Breweries and Steam
Breweries and Steam
EBike Tour 3
This electric bike holiday allows you to experience some of the diverse landscape of England's National Forest and includes something for everyone. Lovers of beer will enjoy the opportunity to visit Burton on Trent's National Brewery Centre, as well as several microbreweries, which are keeping the Midlands brewing tradition alive.Railway heritage is evident during much of this route. You will cycle past the Swannington Incline, part of one of England's first railways and designed by the great railway engineer Robert Stephenson, the inventor of the Rocket. The delightful Shackerstone Steam Railway, which runs alongside the Ashby Canal is a lovely stop-off point to enjoy a coffee on the station platform or take a ride along the restored line. At the National Trust property Calke Abbey, you will cycle along the old lime kiln railway and other sections of the tour use dismantled railways. The landscape changes quickly, from the glorious rolling landscape of National Trust run Calke Abbey, through transformed mining and industrial areas, into flat countryside, crisscrossed by the Ashby Canal and populated by unspoilt villages. Please note, whilst most of this cycling tour uses quiet lanes and tracks, some busy traffic is unavoidable in Burton on Trent centre. If you would like to miss the Brewery Centre, then please let us know and we will offer an alternative route.
This route uses small independent hotels in Repton and Market Bosworth.
Bed and breakfast
Electric bike hire, accommodation on a b&b basis, luggage transfer each day, car parking, detailed self-guide route to follow at your own pace, helmets. We're on hand to offer local support when required
Travel to your holiday starting point. Entry to attractions. Single supplement. Dinners. Extra nights. Travel insurance
From £385 per person
Your e-bike holiday starts in Repton, the historic capital of Mercia and home to the famous Repton School. Take a wander around the village and visit the Anglo Saxon crypt, one of England's most precious survivals of Anglo Saxon architecture.You will stay at the local microbrewery, where you will find a wide selection of beers and wines, as well as excellent food.Today we will meet you with your bikes and provide you with a briefing for your cycling route and answer any questions. We can also recommend suitable routes, should you fancy a practice ride this evening.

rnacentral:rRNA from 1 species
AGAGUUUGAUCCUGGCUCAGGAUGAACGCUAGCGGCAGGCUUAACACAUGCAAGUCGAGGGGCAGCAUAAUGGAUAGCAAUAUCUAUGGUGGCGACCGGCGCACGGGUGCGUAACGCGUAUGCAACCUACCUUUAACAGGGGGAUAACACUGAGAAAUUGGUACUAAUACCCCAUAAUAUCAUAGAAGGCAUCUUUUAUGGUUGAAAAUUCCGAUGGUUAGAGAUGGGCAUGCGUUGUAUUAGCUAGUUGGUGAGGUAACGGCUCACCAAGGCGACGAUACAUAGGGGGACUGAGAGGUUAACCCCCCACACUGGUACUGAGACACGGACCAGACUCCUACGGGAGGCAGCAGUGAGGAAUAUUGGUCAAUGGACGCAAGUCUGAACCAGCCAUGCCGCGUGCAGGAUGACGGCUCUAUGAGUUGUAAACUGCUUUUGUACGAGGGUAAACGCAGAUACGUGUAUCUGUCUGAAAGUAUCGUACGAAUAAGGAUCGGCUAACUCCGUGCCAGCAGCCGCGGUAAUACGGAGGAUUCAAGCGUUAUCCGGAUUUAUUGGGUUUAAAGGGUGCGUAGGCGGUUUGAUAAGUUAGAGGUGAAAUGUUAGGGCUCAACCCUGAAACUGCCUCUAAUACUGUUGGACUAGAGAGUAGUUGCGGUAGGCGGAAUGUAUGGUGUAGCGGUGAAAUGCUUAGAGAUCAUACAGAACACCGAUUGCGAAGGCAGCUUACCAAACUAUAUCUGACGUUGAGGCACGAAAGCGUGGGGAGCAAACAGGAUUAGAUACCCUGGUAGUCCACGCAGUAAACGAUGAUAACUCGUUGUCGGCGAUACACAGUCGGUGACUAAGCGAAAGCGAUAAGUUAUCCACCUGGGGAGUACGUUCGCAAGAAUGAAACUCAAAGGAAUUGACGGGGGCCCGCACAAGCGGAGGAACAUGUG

Today you will cycle the short distance into Burton on Trent, the home of brewing and the National Brewery Centre. The museum celebrates the history of brewing in Burton on Trent and includes a guided explanation of the brewing process. The museum also includes a large collection of steam engines and vintage vehicles, which were key to the development of the brewing industry. The tour ends with a visit to the William Worthington microbrewery and the chance to sample some of the beers. Take it easy though, as you still have a few miles to cycle. From Burton, your route takes you through the centre of the National Forest, using quiet lanes and off road tracks. Where there were once mines, the landscape has been transformed into tranquil forest and tracks, which are a pleasure to cycle along. Recommended stop-offs include Sharpe's Pottery Museum, which tells the history of the once flourishing local pottery industry and Moira Furnace which historians believe is one of the most important blast furnaces still in existence throughout Europe. In the afternoon you will arrive at the steam railway centre at Shackerstone. Watch the action, whilst you enjoy a well-earned cup of tea in the station platform tea shop. You could even time your journey to coincide with a trip on a train to your overnight stop at Market Bosworth. Market Bosworth is a lovely unspoilt market town and very popular with cyclists. Here you will find a number of pubs and restaurants to choose from. There is a also an extremely good cycling clothing shop in the centre of Market Bosworth, which is well worth a visit.
If your visit coincides with the last Sunday of the month, then we recommend an early visit to the popular Market Bosworth farmers' market, where you can pick up fresh local produce for a picnic. Enjoy the countryside as you cycle through the peaceful local lanes. History lovers will enjoy a short detour to the refurbished 1620s House and Garden at Donington le Heath. The manor house was built in the 13th century and then modernised in 1618. Visitors can see how people lived in Elizabethan and early Jacobean times, as well as enjoy the 17th century style gardens and maze. Stop at the Swannington Incline, where interpretation panels explain the history. The Incline was designed by Robert Stephenson, one of the the greatest railway engineers. It was part of one of the earliest railways in England and was built to help get coal from the mines to the flourishing industrial factories. Your holiday allows you plenty of time to enjoy a visit to Calke Abbey, described by the National Trust as the un-stately home! This Grade 1 listed country house was the home to the Harpur family for nearly 300 years. During this time the family hoarded many of their possessions and the house slipped into decline. Today the National Trust displays the house in the state it was handed to them, meaning that every corner is packed with interesting things to see. Keen gardeners will love the gardens at Calke, which have been lovingly restored to their former glory. The courtyard cafe is a popular stop-off for cyclists and walkers and is a real sun-trap. From here it's a short journey back to your start point in Repton. If time allows, you might like a short detour to sample the beer at the John Thompson microbrewery, one of only 8 pubs to feature as a main entry in all 32 annual editions of The Good Pub Guide, before completing your cycling holiday, back at your start point.